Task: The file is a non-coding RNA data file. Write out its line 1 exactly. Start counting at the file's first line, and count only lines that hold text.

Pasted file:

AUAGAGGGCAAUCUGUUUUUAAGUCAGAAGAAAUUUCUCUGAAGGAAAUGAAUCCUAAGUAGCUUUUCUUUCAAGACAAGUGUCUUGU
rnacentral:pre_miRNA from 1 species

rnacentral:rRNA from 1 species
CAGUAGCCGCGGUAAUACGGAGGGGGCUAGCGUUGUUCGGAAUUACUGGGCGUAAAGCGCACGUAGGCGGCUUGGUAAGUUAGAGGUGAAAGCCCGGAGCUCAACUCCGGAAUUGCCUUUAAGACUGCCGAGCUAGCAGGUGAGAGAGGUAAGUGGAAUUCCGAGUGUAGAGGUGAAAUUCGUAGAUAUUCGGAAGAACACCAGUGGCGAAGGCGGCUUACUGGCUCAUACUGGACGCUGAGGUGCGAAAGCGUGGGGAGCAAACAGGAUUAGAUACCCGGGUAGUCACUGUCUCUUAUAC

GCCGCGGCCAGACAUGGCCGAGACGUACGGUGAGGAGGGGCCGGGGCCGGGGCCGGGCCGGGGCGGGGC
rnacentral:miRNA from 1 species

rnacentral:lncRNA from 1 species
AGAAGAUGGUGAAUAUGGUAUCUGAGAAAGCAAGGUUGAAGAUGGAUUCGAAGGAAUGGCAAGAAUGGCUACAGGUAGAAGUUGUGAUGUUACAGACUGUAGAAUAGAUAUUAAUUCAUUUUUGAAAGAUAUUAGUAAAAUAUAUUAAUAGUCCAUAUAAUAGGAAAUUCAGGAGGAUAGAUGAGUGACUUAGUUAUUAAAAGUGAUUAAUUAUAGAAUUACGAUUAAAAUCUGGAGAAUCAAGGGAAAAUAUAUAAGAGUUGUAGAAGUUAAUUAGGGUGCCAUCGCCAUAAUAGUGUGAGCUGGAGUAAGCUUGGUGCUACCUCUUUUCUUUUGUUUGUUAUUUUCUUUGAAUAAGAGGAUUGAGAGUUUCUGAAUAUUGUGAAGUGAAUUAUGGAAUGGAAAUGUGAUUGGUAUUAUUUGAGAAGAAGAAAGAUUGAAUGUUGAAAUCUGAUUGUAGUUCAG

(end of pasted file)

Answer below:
AUAGAGGGCAAUCUGUUUUUAAGUCAGAAGAAAUUUCUCUGAAGGAAAUGAAUCCUAAGUAGCUUUUCUUUCAAGACAAGUGUCUUGU